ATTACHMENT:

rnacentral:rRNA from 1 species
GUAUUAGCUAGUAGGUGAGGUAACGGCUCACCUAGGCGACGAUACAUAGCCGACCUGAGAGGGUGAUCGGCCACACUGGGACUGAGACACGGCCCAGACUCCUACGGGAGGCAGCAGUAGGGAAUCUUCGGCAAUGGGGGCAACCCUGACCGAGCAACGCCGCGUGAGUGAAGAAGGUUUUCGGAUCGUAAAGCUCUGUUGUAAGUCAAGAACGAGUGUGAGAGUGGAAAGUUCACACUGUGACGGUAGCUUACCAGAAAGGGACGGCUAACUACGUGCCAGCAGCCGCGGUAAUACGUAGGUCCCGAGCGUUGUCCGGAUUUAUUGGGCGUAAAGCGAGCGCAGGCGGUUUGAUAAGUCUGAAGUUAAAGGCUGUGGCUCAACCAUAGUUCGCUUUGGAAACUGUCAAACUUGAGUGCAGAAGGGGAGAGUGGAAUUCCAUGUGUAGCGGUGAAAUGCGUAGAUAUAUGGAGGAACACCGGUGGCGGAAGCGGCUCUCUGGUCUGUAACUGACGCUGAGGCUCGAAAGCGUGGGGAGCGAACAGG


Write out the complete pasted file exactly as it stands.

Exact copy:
rnacentral:rRNA from 1 species
GUAUUAGCUAGUAGGUGAGGUAACGGCUCACCUAGGCGACGAUACAUAGCCGACCUGAGAGGGUGAUCGGCCACACUGGGACUGAGACACGGCCCAGACUCCUACGGGAGGCAGCAGUAGGGAAUCUUCGGCAAUGGGGGCAACCCUGACCGAGCAACGCCGCGUGAGUGAAGAAGGUUUUCGGAUCGUAAAGCUCUGUUGUAAGUCAAGAACGAGUGUGAGAGUGGAAAGUUCACACUGUGACGGUAGCUUACCAGAAAGGGACGGCUAACUACGUGCCAGCAGCCGCGGUAAUACGUAGGUCCCGAGCGUUGUCCGGAUUUAUUGGGCGUAAAGCGAGCGCAGGCGGUUUGAUAAGUCUGAAGUUAAAGGCUGUGGCUCAACCAUAGUUCGCUUUGGAAACUGUCAAACUUGAGUGCAGAAGGGGAGAGUGGAAUUCCAUGUGUAGCGGUGAAAUGCGUAGAUAUAUGGAGGAACACCGGUGGCGGAAGCGGCUCUCUGGUCUGUAACUGACGCUGAGGCUCGAAAGCGUGGGGAGCGAACAGG